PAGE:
10. GOAL SETTING - I won't write much on this for now (see my next post), but there are some specific tips I have learned. Next time your in the gym, test yourself and see where you can touch the rim on your hand or arm (or backboard/net) and then take a permanent marker and draw a short line on your arm three inches further (down your arm) than you can currently touch. Focus on this line constanlty throughout the day. Daydream about hitting this line next time your in the gym. When you mentally practice, see yourself hitting this mark over and over. Feel the rim touch that spot in your mind. Keep seeing it, even as you fall asleep at night. Aim for reaching this mark in the next week. Before an attempt to do this in the gym, you HAVE to see yourself hitting the mark several times before you try and do so. Once you've reached this goal (however long it takes), move the mark on your arm three more inches. This is your next goal and is now your primary focus. Continue this for however long you'd like. Make sure to keep remarking your arm as it starts to wear off.

As I've said before, feel free to do your own research on these subjects and find what work best for you. I'm just telling you what's worked for me.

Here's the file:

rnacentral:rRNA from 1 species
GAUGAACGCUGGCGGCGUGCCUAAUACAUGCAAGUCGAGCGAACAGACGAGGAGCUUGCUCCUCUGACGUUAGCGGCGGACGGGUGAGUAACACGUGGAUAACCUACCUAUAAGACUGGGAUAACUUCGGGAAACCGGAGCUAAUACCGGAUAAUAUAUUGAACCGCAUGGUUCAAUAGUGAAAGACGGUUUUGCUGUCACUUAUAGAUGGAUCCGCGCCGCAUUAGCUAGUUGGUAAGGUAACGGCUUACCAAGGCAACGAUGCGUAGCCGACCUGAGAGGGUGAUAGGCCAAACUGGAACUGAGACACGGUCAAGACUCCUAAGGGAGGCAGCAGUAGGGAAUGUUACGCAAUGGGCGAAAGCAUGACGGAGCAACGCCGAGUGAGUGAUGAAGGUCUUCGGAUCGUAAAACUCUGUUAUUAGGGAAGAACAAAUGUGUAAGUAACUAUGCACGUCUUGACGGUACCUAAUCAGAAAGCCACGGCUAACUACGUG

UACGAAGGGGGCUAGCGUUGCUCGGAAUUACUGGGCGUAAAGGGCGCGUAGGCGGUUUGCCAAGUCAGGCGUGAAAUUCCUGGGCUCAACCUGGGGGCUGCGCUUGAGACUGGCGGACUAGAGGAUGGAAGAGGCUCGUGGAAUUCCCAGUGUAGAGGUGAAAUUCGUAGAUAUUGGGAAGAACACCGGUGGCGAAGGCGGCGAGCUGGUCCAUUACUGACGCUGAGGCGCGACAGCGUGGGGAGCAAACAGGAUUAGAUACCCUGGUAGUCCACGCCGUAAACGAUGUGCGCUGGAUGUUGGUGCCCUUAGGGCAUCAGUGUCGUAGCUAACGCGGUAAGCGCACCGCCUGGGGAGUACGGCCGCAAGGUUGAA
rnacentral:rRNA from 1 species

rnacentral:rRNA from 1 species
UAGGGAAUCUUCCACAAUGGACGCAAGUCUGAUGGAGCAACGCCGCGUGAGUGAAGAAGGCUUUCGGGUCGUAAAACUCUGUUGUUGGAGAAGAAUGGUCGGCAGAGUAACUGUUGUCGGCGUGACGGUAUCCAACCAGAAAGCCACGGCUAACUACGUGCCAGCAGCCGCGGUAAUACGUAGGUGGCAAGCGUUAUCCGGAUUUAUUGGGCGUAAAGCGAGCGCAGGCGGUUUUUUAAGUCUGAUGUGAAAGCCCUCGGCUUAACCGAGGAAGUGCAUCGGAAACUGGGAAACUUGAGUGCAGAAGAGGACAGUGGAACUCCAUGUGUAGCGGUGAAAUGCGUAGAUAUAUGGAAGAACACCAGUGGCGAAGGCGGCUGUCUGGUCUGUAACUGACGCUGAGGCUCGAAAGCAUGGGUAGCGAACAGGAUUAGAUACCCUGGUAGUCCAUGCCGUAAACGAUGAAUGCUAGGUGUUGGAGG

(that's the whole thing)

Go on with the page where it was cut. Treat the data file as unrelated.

- Max

28 Tools to Become a Better Athlete

If you want to become a better all-around athlete that is explosive, fast, strong, and injury free.....Why aren't you doing these 28 things???

1. Bodyweight training (calisthenics)

2. Training outside

3. Training explosively

4. Sled dragging

5. Sprints (from different positions and directions)

6. Jump onto stuff (boxes, picinic tables, stairs, etc.) and off of stuff

7. Trying to improve on what you did last week

8. Doing single leg work (lunges, step-ups, split squats, pistol squats, etc.)

9. Back squats (with and without a box)

10. Using active recovery techniques (contrast showers, hot/cold baths, icing, stretching)

11. Strengthening the posterior chain EVERY time you do lower body training

12. Strongman training (tire flips, using stones, logs, sandbags, etc.)

13. Eating like a caveman as often as you can (natural earth grown foods)

14. Learning from others

15. Using a foam roller/soft tissue work

16. Training at least 3x a week (if your in the off-season)

17. Lifting in-season (what good is it to get strong in the off-season if you become as weak as a little school girl when it counts)

18. Grip training

19. Strengthening your abs/core (stop doing your dail 100 crunches, please)

20. Stretching

21. Working on your mobility

22. Overhead lifting

23. Jumping rope or doing any type of jump training

24. Listening to your body

25. Using a kettlebell (you'll thank me later)

26. Deadlifting

27. Training barefoot or with Nike Frees

28. Training hard (yes, you should break a sweat)

- The reason I gave links to almost all of these are because I just like to show proof that nationally respected trainers advise all these things too...I'm not just pulling them out of my butt.

- Max